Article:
Title: Counting Birds: The Idea that Helped Save Our Feathered Friends
Author: Heidi E.Y. Stemple
Illustrator: Clover Robin
Publisher: Quatro Publishing Group USA, 2018
Opening Lines: Frank Chapman loved birds. He worked at the American Museum of Natural History in New York City creating exhibits about birds.
Themes: Citizen Science, Biography, Ornithology, Birds, Nature, STEAM, Earth Day
Why I Love this Book and Think You Will Too:
I love birds. When I was young, we had a neighbor who put sunflower seeds on the banister of her deck that sat in the middle of the woods. When we visited, she would let us put out the seed. Then she would call "chick- a dee-dee-dee, Here Chick-a dee-dee-dee" From the trees we would hear the little black, white and grey birds call back. "dee-dee-dee" That was how I learned about my first bird.
This book may lead you to love birds too. If you already love birds, you will enjoy this book for the information and beauty.
The author, Heidi Stemple, is the child in the much loved and beautiful book Owl Moon by her mom, Jane Yolen. Heidi went out on the Christmas Bird Count to call down the owls with her father many times. She continues the tradition with the Owl Moon Gang.
Counting Birds is part call to action, part biography, and part nature exploration. It shows how taking a small step can lead to big things that protect and preserve our natural world.
The cut paper illustrations are beautiful and deserve special attention.
Activities and Resources:
Be sure to check out all of Heidi's videos related to this book. She teaches you how to call down the Owls.
Make your own collage bird.
You can learn more about birds from the Field Museum in Chicago.
Two free apps you can add to your phone are EBird and the Merlin Bird App. They are both from Cornell Lab. The EBird App is used to count birds anytime and anywhere. I often watch the birds at my feeders and do a count with my morning cup of coffee. Merlin is for bird identification.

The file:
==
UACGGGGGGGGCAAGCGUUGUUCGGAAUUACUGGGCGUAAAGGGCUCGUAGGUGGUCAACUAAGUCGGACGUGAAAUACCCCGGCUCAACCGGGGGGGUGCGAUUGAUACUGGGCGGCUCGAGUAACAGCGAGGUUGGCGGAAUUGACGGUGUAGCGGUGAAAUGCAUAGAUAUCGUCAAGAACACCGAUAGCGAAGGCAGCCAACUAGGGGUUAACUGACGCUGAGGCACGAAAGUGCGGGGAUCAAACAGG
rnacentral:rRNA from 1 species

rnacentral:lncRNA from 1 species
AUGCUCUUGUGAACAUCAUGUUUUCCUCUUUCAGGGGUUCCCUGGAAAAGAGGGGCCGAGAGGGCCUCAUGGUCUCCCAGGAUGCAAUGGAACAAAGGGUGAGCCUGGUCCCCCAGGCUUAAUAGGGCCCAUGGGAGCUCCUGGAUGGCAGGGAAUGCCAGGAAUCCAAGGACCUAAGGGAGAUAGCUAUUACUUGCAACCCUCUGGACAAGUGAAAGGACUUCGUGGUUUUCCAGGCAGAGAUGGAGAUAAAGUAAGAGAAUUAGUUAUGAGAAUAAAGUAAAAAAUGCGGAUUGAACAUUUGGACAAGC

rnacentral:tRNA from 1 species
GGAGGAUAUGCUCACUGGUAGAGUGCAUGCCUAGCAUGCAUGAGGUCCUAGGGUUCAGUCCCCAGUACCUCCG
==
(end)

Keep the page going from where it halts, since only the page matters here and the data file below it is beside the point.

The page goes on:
Become a Citizen Scientist.
As 2020 comes to a close, it's nice to look ahead and start the new year with new ideas.
You can start a Phenology Nature Notebook. I usually pick up mixed media sketchbooks from Michaels when I have a 40 or 50% off coupon. The mixed media sketchbooks can handle in, watercolor, colored pencils, and crayons. The paper is heavy enough to handle some glue to stick in found objects, flower petals, or fortunes from tea or cookies. But any type of paper will work. Generally the less expensive, the less intimidating it is to get to drawing.
You can keep track of the cycle of the the Moon. And start a Phonology Circle. This could be a circle divided into 30 parts or you could create circles for each week of the year. When you divide a circle, it's like cutting a pizza. If you slice it all the way across, you can get equal parts and an even number of slices. A week is only 7 days, so you could use the 8th slice to reflect note the month. I drew a circle and divided it into 32 parts. Those are pretty small slices. It would be fun to look at the weather in a month's circle. If you want to gather more details, keeping a weekly circle, might be the best route.
I'm going to try this out for 2021 and see what I discover.
I created blank wheels. One for a Month and one for a Week. Feel free to download them and use them all year.
Order your own copy of Counting Birds.
Check out Susanna Hill's Perfect Picture Book Friday Blog to discover more cool books to read with your kids and add to your collection.